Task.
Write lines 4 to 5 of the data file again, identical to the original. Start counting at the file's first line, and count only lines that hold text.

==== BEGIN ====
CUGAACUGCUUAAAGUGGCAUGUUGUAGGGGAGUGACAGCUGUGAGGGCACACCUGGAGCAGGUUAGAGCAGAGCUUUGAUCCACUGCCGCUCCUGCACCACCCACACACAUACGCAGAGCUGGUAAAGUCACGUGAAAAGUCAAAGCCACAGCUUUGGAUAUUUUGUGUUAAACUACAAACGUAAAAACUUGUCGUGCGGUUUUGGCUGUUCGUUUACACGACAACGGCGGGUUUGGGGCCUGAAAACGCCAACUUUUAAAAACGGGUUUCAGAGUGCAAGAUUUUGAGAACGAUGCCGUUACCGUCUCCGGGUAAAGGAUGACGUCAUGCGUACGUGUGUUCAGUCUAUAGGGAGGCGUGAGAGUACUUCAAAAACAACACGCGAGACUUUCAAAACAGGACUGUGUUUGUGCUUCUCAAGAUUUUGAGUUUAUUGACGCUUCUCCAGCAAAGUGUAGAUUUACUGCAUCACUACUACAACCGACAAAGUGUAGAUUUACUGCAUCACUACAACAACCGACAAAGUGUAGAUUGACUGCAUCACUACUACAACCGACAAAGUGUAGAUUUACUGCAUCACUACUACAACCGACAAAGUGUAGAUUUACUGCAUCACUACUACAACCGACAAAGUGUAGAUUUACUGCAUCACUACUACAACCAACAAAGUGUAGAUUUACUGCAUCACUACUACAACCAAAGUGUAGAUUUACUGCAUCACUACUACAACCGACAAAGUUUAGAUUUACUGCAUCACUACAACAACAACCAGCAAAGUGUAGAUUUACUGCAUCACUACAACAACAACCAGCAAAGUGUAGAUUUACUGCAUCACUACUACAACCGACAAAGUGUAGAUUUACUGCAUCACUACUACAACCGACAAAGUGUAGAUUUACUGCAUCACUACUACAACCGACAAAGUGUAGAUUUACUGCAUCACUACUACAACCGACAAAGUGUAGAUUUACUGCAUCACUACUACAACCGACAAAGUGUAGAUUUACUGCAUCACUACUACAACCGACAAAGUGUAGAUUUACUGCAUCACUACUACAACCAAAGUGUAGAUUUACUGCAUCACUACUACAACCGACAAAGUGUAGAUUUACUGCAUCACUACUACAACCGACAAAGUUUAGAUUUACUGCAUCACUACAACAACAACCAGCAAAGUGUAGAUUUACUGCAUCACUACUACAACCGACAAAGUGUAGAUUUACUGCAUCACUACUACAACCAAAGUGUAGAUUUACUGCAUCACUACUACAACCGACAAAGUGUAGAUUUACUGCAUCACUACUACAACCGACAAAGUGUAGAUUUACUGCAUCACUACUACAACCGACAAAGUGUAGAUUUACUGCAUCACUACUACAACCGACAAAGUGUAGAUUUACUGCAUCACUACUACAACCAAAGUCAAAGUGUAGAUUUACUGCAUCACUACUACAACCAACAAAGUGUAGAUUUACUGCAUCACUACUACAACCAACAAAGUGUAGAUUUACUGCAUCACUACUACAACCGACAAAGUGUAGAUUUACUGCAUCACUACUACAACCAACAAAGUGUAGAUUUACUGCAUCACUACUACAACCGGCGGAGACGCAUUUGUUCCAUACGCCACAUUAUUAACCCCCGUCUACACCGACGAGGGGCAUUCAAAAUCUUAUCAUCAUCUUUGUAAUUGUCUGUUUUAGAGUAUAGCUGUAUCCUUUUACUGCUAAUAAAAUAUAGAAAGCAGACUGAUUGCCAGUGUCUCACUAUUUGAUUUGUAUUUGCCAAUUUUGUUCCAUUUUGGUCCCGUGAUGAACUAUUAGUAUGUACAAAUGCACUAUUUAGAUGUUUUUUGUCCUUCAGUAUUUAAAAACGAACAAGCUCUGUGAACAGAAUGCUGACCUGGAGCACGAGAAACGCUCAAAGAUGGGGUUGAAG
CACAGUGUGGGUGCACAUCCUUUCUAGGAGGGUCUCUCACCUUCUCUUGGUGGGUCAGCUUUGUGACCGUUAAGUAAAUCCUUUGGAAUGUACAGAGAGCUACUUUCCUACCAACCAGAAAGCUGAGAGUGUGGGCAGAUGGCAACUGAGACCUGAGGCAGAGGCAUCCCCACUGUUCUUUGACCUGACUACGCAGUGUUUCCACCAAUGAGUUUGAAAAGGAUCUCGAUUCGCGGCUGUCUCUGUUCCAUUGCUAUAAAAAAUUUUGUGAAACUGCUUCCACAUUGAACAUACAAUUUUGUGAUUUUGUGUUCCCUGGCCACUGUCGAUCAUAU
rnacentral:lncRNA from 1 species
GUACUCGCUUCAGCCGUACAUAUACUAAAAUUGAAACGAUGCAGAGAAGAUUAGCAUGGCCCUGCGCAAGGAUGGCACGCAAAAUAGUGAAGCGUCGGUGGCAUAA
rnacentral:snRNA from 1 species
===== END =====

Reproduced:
GUACUCGCUUCAGCCGUACAUAUACUAAAAUUGAAACGAUGCAGAGAAGAUUAGCAUGGCCCUGCGCAAGGAUGGCACGCAAAAUAGUGAAGCGUCGGUGGCAUAA
rnacentral:snRNA from 1 species